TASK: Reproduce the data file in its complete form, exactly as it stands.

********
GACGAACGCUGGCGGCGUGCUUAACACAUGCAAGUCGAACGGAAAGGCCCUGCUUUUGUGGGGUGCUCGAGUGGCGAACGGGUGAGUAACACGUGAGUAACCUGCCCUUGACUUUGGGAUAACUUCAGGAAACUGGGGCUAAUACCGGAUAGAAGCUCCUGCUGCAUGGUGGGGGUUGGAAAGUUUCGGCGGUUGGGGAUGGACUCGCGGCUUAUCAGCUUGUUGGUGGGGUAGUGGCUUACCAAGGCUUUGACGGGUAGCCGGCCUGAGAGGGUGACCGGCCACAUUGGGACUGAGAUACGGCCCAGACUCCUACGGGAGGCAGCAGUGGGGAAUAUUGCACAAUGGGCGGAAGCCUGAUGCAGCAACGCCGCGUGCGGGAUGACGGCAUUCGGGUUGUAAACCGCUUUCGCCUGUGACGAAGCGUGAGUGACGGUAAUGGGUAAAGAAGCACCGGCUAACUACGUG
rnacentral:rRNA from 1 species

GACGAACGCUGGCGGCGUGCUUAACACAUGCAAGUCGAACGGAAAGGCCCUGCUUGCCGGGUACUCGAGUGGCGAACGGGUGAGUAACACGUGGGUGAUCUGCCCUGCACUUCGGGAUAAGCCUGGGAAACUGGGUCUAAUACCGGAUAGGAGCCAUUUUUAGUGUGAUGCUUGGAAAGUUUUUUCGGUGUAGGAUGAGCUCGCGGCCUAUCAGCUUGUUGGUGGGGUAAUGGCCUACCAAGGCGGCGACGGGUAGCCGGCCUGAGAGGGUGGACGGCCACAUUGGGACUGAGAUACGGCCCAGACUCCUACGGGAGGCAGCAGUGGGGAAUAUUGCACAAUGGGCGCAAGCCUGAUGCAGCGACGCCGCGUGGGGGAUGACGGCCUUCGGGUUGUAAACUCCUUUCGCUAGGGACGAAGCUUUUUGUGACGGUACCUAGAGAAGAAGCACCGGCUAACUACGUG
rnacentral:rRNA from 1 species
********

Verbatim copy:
GACGAACGCUGGCGGCGUGCUUAACACAUGCAAGUCGAACGGAAAGGCCCUGCUUUUGUGGGGUGCUCGAGUGGCGAACGGGUGAGUAACACGUGAGUAACCUGCCCUUGACUUUGGGAUAACUUCAGGAAACUGGGGCUAAUACCGGAUAGAAGCUCCUGCUGCAUGGUGGGGGUUGGAAAGUUUCGGCGGUUGGGGAUGGACUCGCGGCUUAUCAGCUUGUUGGUGGGGUAGUGGCUUACCAAGGCUUUGACGGGUAGCCGGCCUGAGAGGGUGACCGGCCACAUUGGGACUGAGAUACGGCCCAGACUCCUACGGGAGGCAGCAGUGGGGAAUAUUGCACAAUGGGCGGAAGCCUGAUGCAGCAACGCCGCGUGCGGGAUGACGGCAUUCGGGUUGUAAACCGCUUUCGCCUGUGACGAAGCGUGAGUGACGGUAAUGGGUAAAGAAGCACCGGCUAACUACGUG
rnacentral:rRNA from 1 species

GACGAACGCUGGCGGCGUGCUUAACACAUGCAAGUCGAACGGAAAGGCCCUGCUUGCCGGGUACUCGAGUGGCGAACGGGUGAGUAACACGUGGGUGAUCUGCCCUGCACUUCGGGAUAAGCCUGGGAAACUGGGUCUAAUACCGGAUAGGAGCCAUUUUUAGUGUGAUGCUUGGAAAGUUUUUUCGGUGUAGGAUGAGCUCGCGGCCUAUCAGCUUGUUGGUGGGGUAAUGGCCUACCAAGGCGGCGACGGGUAGCCGGCCUGAGAGGGUGGACGGCCACAUUGGGACUGAGAUACGGCCCAGACUCCUACGGGAGGCAGCAGUGGGGAAUAUUGCACAAUGGGCGCAAGCCUGAUGCAGCGACGCCGCGUGGGGGAUGACGGCCUUCGGGUUGUAAACUCCUUUCGCUAGGGACGAAGCUUUUUGUGACGGUACCUAGAGAAGAAGCACCGGCUAACUACGUG
rnacentral:rRNA from 1 species